How Knitting Has Become a Big Part of My Life in My 60s
I can remember learning to knit as a small child and being delighted when I produced a hideous scarf, full of holes and dropped stitches and strangely wider at one end than the other.
Can You Recall Learning to Knit, or Your First Knitting Project?
My real passion for knitting began when I was about 14, and Twiggy was the style icon of the day. She was photographed in a short Shetland wool sweater and every teenager wanted one.
Luckily, a pattern was available, and along with a group of friends, we started our projects. We used bright colours of beautifully soft Shetland, double knitting, and we would smuggle our knitting bags into school so we could knit and natter during our lunch break.
Whilst most of my friends gave up after that flurry of activity, I have continued to enjoy knitting to this day.
After the Twiggy inspired sweater came a huge and colourful cardigan for my would-be husband, copied from one worn on the TV series Starsky & Hutch. It was, if I am honest, a terrible fashion mistake, but it did get a bit of wear before disappearing to the bottom of the cupboard.
Then came a useful cricket jumper for the same lucky man, knitted whilst flying to the USA, when knitting needles were still permitted in the cabin.
Knitting for the Family
Marriage and babies came next, and I was in my element making delicate lacy jackets and shawls, followed all too swiftly by hand knit school sweaters and chunky arans for weekend wear.
If I could persuade my husband to mind the children, I would slip off to the local wool shop and browse the pattern books for hours on end.
To be without a project was like being deprived a cigarette (I imagine!) as I hated to have a pair of idle hands and loved to knit whilst watching TV or listening to the radio.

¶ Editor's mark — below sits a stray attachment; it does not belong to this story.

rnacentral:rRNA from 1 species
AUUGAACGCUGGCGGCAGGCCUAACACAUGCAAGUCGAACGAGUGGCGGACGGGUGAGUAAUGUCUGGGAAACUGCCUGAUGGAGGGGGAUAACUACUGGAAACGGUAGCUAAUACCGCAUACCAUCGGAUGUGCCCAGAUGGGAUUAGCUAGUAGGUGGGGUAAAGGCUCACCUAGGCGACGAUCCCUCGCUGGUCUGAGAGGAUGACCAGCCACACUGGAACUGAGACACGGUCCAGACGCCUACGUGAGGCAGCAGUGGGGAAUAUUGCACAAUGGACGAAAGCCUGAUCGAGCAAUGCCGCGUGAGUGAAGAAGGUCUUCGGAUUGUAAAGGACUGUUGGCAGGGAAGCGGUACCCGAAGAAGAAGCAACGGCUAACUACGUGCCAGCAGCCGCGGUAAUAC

But before long, my girls had minds of their own, and their tastes didn’t run to hand made anything. So, I turned back to myself.
Oddly, nearly everything I make for me never seems to turn out right and goes to the charity shop. I stuck to baby clothes for a while, using much loved patterns. A favourite pattern was for a blanket that would wrap around a new-born when in a car or carry seat. I must have knitted dozens.
Do you find yourself going back to old favourites that you know will turn out well, or do you prefer to experiment with new projects?
When my mother died, I kept her knitting needles and patterns – some patterns going back in time to my childhood. When you start to look at old patterns, you realise nothing much has changed in style – just a wider range of yarns and colours are available now.
I have been fascinated by the craze for ‘colour bombing.’ This is an art form where a town is transformed by knitters decorating railings, gates and lampposts with pieces of knitting in order to cheer up everyone.
I joined a colour bomb challenge in my home town. We knitted strips to wrap around a model replica of our famous ‘Beachy Head Lighthouse’ and raised money for charity.
Have you come across ‘colour bombing’? Maybe your town would benefit from some knitted decorations!
Inevitably, over the years, all my projects resulted in a huge stash of left over wool – just bits and pieces and oddments. Nothing of much use, or so I thought.
Now that we have the Internet, the days of lingering in the local wool shop are long gone. I went online for ideas for unwanted wool and found two projects that caught my interest.
One used all my baby wool leftovers – knitting little hats for premature babies. Many of our hospital prem units are crying out for these in a variety of colours and styles as each baby keeps their own hat, and they are only used once.
The second project is knitting ‘twiddle muffs’ for people with dementia. I had never heard of them before, but after some online research I found a pattern and am looking forward to getting stuck in.
The idea is that the patient can put their hands in the muff and fiddle with all the embellishments that I will add. Dementia patients are soothed by touch so adding ribbons, beads, knitted flowers etc. all give interest.
A knitted pocket can be useful for small items such as a hanky. This is a project where you can let your imagination run away with you!
I shall carry on knitting for as long as I can, and I intend to use my stash of wool before I buy any more!
How important is knitting in your life? Have you come across any knitting for charity projects that you have enjoyed? Please share any exciting knitting projects you have created!